Marcial Aguinaldo stands in front of a chemical hood used to bulk waste.

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In 1997, a UCSF scientist named Stanley Prusiner received the Nobel Prize in Physiology for discovering prions, the proteins responsible for mad cow and new variant Creutzfeldt-Jakob diseases.

While the world turned to San Francisco to understand the mysterious infectious agent that was killing humans and livestock abroad, another UC employee, getting far less recognition, was also trying to stop the spread of prions.

Marcial Aguinaldo had to manage the biological waste coming from Prusiner’s and other campus labs.

Aguinaldo is Mission Bay’s “king of hazardous waste,” according to his boss, D. Travis Clark, an environmental health & safety specialist with the university.

With his team of seven technicians, Aguinaldo is in charge of picking up, consolidating, and packing off radiological, biological, and chemical waste produced by labs and medical offices at 14 UCSF facilities, including all of the Mission Bay campus. It’s a job that requires a deep knowledge of chemistry and biology, as well as the flexibility to adapt to thousands of researchers and a constantly shifting smorgasbord of chemicals.

“I still have my ten fingers,” the 51-year-old joked recently about his nearly three decades of handling carcinogenic, radioactive, toxic, and explosive materials.

It’s a career that started modestly.  After graduating in chemistry, Aguinaldo immigrated to the United States from the Philippines in 1982, following his father and two of his sisters.

His first UC job was advertised as “animal care”  or as he described it recently,  “king of the tiny ball,” in charge of cleaning animal droppings.  Within a few years, he had moved into radioactive waste and then all kinds of hazardous waste – and the labs produce a wide variety.

Virtually every lab requires the use of some materials that are classified as hazardous – from batteries to radioactive isotopes – and once those materials get used in an experiment, UCSF has 90 days to get the waste off site and on its way to the appropriate, licensed facility.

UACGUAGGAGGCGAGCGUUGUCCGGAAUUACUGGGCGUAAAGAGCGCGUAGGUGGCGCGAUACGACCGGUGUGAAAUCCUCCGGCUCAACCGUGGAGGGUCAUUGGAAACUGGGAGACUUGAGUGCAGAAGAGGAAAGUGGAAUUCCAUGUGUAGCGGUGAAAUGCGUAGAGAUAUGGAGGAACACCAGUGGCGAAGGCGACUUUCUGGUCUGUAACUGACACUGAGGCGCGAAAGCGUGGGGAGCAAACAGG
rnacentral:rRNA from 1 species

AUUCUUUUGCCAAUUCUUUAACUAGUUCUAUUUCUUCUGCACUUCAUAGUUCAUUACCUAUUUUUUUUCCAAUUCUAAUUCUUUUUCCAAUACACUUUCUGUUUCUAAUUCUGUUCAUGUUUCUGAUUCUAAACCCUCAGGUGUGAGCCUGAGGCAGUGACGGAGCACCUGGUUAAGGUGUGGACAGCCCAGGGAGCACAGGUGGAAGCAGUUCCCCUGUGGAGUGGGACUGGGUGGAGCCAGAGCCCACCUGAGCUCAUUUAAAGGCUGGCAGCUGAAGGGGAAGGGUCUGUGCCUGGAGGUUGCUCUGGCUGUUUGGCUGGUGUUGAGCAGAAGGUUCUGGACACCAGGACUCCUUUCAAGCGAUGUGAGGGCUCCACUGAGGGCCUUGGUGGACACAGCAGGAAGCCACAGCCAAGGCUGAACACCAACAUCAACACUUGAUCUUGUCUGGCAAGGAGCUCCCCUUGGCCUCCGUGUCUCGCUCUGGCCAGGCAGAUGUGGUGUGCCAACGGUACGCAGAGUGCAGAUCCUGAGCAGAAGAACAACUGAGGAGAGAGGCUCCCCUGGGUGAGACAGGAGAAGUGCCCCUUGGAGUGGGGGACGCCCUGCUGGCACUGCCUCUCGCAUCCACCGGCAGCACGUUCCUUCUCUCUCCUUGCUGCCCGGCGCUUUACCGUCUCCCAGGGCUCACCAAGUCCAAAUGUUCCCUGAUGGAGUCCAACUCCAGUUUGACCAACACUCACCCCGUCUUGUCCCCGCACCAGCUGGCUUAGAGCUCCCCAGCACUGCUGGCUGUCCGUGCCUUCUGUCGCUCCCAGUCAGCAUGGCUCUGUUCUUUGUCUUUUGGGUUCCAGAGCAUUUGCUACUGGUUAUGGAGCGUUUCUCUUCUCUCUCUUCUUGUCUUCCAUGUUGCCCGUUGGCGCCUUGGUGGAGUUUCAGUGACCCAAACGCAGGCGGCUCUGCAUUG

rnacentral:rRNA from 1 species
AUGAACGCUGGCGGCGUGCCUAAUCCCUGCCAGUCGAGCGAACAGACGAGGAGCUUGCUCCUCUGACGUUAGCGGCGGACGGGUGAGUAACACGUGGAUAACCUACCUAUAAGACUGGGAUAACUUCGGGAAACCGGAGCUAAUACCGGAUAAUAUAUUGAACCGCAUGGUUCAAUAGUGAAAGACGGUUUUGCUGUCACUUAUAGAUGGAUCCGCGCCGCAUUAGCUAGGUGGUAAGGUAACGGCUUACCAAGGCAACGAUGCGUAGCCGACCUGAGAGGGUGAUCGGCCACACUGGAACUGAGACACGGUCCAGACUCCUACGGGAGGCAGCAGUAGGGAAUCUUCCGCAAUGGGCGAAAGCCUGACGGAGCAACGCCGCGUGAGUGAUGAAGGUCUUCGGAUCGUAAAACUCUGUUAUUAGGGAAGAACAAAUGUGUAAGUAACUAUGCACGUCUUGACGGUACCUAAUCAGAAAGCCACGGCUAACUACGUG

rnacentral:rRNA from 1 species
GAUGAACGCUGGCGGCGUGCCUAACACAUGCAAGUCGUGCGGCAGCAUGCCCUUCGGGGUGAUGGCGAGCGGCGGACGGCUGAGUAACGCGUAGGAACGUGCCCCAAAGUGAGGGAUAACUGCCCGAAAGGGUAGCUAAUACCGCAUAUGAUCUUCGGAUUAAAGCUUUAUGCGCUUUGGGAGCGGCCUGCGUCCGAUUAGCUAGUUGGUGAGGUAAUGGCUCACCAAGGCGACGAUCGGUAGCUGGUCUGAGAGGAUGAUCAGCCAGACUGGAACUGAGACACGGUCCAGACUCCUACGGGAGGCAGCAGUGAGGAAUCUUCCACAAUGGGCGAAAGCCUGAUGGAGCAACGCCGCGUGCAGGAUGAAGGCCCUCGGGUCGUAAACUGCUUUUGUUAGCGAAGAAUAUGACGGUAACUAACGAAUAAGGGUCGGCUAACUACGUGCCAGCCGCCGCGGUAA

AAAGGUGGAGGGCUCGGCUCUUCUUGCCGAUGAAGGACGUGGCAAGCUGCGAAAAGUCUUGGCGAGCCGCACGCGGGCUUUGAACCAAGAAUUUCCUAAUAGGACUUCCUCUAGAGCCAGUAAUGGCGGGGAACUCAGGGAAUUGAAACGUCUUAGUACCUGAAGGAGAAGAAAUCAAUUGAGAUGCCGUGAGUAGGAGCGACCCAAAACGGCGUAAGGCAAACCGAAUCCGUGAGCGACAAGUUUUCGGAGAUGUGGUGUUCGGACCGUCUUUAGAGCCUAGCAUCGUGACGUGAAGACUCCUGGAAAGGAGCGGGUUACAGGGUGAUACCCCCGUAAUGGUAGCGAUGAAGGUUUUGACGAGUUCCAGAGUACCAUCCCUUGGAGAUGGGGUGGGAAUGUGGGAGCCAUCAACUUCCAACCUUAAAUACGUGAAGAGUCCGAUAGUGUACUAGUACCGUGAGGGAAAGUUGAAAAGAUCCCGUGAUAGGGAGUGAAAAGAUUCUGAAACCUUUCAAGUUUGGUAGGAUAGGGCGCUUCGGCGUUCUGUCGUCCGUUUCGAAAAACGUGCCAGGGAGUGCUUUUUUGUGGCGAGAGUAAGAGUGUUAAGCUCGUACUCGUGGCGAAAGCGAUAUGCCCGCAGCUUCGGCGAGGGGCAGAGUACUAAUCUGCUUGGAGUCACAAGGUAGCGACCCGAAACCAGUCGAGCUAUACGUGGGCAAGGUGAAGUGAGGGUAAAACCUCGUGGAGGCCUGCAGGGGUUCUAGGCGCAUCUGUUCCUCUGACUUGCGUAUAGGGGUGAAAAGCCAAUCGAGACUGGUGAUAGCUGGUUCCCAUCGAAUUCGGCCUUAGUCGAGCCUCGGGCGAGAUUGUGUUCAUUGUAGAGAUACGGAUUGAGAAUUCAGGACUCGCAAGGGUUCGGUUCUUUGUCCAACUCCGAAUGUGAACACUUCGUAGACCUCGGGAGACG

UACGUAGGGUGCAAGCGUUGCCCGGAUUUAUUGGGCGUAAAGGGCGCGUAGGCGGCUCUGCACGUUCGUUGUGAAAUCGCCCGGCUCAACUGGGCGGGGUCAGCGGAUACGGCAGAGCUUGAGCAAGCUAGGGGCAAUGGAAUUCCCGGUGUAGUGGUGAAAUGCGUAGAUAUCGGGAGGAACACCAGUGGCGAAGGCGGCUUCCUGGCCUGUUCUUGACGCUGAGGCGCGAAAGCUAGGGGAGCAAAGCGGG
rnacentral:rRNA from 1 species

Once you create hazardous waste, it’s yours forever, from cradle to grave.  So UCSF must track its waste, even as it travels to Utah or another state for treatment. A treatment facility has 35 days to send a receipt back, letting UCSF know it received the waste. Otherwise, UCSF calls up to find out where the waste drum went.

“We don’t want to see our drums floating in the Pacific Ocean,” Aguinaldo said.

To do it right, Aginaldo has developed some of his own procedures.

When Prusiner discovered infectious prions, the standard way to store prion lab waste was in sodium hydroxide solution, a caustic base that denatures the prions thereby neutralizing them.

But Aguinaldo wasn’t so sure the prions were completely destroyed. What if the vendor treating the waste – UCSF doesn’t have authority to treat its own hazardous waste – unwittingly brought down the pH and even a tiny fraction of the prions bounced back to their former shape and escaped into the environment?

Not a pretty picture.  So Aguinaldo decided the labs should go one step further: the neutralized waste should also be incinerated.

His team of hazardous waste technicians does some of its scariest work in a room on the ground floor of UCSF’s Genentech Hall. It’s there that they pack chemical waste, mixing compatible compounds before sending them out for treatment.

Called the “bulking room,” the small chamber is equipped with explosion-proof electrical switches and sits atop two 1,000-gallon storage tanks.  The tanks are there to catch contaminated water if the sprinklers are triggered by fire.

The first step in consolidating chemical waste is putting on a respirator.  The second is to check one’s  mental state.  Calm is what you want.  If technicians are irate for any reason, Aguinaldo has the cure.  “I’ll tell them go walk for 15 minutes, “ he said.

Every new substance that’s “bulked” for transport is micro-tested first.  Tiny amounts are combined and the pH is gauged. It’s a process that UCSF adopted in part because of Aguinaldo’s experience.